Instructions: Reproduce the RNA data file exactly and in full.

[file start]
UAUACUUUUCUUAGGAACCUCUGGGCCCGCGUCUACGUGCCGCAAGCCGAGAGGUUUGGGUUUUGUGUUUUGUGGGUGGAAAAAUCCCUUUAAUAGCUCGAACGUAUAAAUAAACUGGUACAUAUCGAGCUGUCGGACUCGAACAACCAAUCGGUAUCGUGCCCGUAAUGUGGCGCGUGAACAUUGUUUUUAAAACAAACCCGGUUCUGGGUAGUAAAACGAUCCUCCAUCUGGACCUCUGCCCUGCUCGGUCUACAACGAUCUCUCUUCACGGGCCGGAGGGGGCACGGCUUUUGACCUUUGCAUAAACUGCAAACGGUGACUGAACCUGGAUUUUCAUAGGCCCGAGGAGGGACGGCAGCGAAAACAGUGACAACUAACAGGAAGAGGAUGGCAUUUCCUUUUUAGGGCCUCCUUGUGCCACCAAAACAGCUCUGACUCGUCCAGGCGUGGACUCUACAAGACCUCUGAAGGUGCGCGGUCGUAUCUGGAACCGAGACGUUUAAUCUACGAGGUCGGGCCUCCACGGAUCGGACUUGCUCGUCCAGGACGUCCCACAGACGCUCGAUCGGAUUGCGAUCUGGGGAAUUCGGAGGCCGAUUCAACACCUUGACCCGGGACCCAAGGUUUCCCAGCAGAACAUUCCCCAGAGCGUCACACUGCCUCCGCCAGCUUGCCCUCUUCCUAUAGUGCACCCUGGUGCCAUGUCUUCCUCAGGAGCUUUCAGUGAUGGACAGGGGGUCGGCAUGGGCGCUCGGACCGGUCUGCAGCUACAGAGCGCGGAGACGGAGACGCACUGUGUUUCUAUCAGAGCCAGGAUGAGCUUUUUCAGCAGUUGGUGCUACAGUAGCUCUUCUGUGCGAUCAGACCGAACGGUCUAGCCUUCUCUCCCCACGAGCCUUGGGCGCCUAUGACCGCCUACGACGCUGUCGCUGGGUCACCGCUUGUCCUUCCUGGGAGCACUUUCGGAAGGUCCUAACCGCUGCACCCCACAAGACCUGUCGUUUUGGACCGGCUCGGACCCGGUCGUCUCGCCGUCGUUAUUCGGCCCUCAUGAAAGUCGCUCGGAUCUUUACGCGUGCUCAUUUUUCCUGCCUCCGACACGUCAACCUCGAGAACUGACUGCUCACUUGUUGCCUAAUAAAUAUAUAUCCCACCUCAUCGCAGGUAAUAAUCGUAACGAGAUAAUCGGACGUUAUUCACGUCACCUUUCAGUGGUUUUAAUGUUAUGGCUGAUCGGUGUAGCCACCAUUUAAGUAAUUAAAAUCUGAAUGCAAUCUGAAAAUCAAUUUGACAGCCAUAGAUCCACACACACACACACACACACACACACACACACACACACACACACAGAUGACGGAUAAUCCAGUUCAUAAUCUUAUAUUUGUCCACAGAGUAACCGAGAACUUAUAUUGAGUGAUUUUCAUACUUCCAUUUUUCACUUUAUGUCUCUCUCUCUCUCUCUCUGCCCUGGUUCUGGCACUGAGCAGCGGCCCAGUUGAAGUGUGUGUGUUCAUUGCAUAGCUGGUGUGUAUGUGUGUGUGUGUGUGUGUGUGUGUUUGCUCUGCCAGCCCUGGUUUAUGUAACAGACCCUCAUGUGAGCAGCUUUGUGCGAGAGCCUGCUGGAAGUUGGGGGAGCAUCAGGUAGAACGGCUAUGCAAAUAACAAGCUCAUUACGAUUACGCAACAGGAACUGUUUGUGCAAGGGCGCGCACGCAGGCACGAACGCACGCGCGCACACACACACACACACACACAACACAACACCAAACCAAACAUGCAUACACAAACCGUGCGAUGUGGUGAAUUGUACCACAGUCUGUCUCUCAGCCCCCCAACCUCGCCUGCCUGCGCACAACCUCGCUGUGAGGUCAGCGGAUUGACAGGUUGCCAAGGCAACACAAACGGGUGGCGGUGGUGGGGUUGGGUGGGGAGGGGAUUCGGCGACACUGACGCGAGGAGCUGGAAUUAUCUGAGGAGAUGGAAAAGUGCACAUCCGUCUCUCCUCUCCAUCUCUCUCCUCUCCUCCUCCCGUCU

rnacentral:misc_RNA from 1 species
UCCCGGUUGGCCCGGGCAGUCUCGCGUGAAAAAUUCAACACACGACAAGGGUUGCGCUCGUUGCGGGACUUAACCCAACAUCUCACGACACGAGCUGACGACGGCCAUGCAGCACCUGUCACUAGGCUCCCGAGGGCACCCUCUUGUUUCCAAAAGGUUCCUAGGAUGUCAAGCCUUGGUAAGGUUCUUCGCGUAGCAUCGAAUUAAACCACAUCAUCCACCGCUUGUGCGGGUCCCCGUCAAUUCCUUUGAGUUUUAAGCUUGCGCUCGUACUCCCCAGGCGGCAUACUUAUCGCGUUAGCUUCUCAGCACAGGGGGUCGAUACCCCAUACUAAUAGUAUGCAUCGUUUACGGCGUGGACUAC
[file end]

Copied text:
UAUACUUUUCUUAGGAACCUCUGGGCCCGCGUCUACGUGCCGCAAGCCGAGAGGUUUGGGUUUUGUGUUUUGUGGGUGGAAAAAUCCCUUUAAUAGCUCGAACGUAUAAAUAAACUGGUACAUAUCGAGCUGUCGGACUCGAACAACCAAUCGGUAUCGUGCCCGUAAUGUGGCGCGUGAACAUUGUUUUUAAAACAAACCCGGUUCUGGGUAGUAAAACGAUCCUCCAUCUGGACCUCUGCCCUGCUCGGUCUACAACGAUCUCUCUUCACGGGCCGGAGGGGGCACGGCUUUUGACCUUUGCAUAAACUGCAAACGGUGACUGAACCUGGAUUUUCAUAGGCCCGAGGAGGGACGGCAGCGAAAACAGUGACAACUAACAGGAAGAGGAUGGCAUUUCCUUUUUAGGGCCUCCUUGUGCCACCAAAACAGCUCUGACUCGUCCAGGCGUGGACUCUACAAGACCUCUGAAGGUGCGCGGUCGUAUCUGGAACCGAGACGUUUAAUCUACGAGGUCGGGCCUCCACGGAUCGGACUUGCUCGUCCAGGACGUCCCACAGACGCUCGAUCGGAUUGCGAUCUGGGGAAUUCGGAGGCCGAUUCAACACCUUGACCCGGGACCCAAGGUUUCCCAGCAGAACAUUCCCCAGAGCGUCACACUGCCUCCGCCAGCUUGCCCUCUUCCUAUAGUGCACCCUGGUGCCAUGUCUUCCUCAGGAGCUUUCAGUGAUGGACAGGGGGUCGGCAUGGGCGCUCGGACCGGUCUGCAGCUACAGAGCGCGGAGACGGAGACGCACUGUGUUUCUAUCAGAGCCAGGAUGAGCUUUUUCAGCAGUUGGUGCUACAGUAGCUCUUCUGUGCGAUCAGACCGAACGGUCUAGCCUUCUCUCCCCACGAGCCUUGGGCGCCUAUGACCGCCUACGACGCUGUCGCUGGGUCACCGCUUGUCCUUCCUGGGAGCACUUUCGGAAGGUCCUAACCGCUGCACCCCACAAGACCUGUCGUUUUGGACCGGCUCGGACCCGGUCGUCUCGCCGUCGUUAUUCGGCCCUCAUGAAAGUCGCUCGGAUCUUUACGCGUGCUCAUUUUUCCUGCCUCCGACACGUCAACCUCGAGAACUGACUGCUCACUUGUUGCCUAAUAAAUAUAUAUCCCACCUCAUCGCAGGUAAUAAUCGUAACGAGAUAAUCGGACGUUAUUCACGUCACCUUUCAGUGGUUUUAAUGUUAUGGCUGAUCGGUGUAGCCACCAUUUAAGUAAUUAAAAUCUGAAUGCAAUCUGAAAAUCAAUUUGACAGCCAUAGAUCCACACACACACACACACACACACACACACACACACACACACACACAGAUGACGGAUAAUCCAGUUCAUAAUCUUAUAUUUGUCCACAGAGUAACCGAGAACUUAUAUUGAGUGAUUUUCAUACUUCCAUUUUUCACUUUAUGUCUCUCUCUCUCUCUCUCUGCCCUGGUUCUGGCACUGAGCAGCGGCCCAGUUGAAGUGUGUGUGUUCAUUGCAUAGCUGGUGUGUAUGUGUGUGUGUGUGUGUGUGUGUGUUUGCUCUGCCAGCCCUGGUUUAUGUAACAGACCCUCAUGUGAGCAGCUUUGUGCGAGAGCCUGCUGGAAGUUGGGGGAGCAUCAGGUAGAACGGCUAUGCAAAUAACAAGCUCAUUACGAUUACGCAACAGGAACUGUUUGUGCAAGGGCGCGCACGCAGGCACGAACGCACGCGCGCACACACACACACACACACACAACACAACACCAAACCAAACAUGCAUACACAAACCGUGCGAUGUGGUGAAUUGUACCACAGUCUGUCUCUCAGCCCCCCAACCUCGCCUGCCUGCGCACAACCUCGCUGUGAGGUCAGCGGAUUGACAGGUUGCCAAGGCAACACAAACGGGUGGCGGUGGUGGGGUUGGGUGGGGAGGGGAUUCGGCGACACUGACGCGAGGAGCUGGAAUUAUCUGAGGAGAUGGAAAAGUGCACAUCCGUCUCUCCUCUCCAUCUCUCUCCUCUCCUCCUCCCGUCU

rnacentral:misc_RNA from 1 species
UCCCGGUUGGCCCGGGCAGUCUCGCGUGAAAAAUUCAACACACGACAAGGGUUGCGCUCGUUGCGGGACUUAACCCAACAUCUCACGACACGAGCUGACGACGGCCAUGCAGCACCUGUCACUAGGCUCCCGAGGGCACCCUCUUGUUUCCAAAAGGUUCCUAGGAUGUCAAGCCUUGGUAAGGUUCUUCGCGUAGCAUCGAAUUAAACCACAUCAUCCACCGCUUGUGCGGGUCCCCGUCAAUUCCUUUGAGUUUUAAGCUUGCGCUCGUACUCCCCAGGCGGCAUACUUAUCGCGUUAGCUUCUCAGCACAGGGGGUCGAUACCCCAUACUAAUAGUAUGCAUCGUUUACGGCGUGGACUAC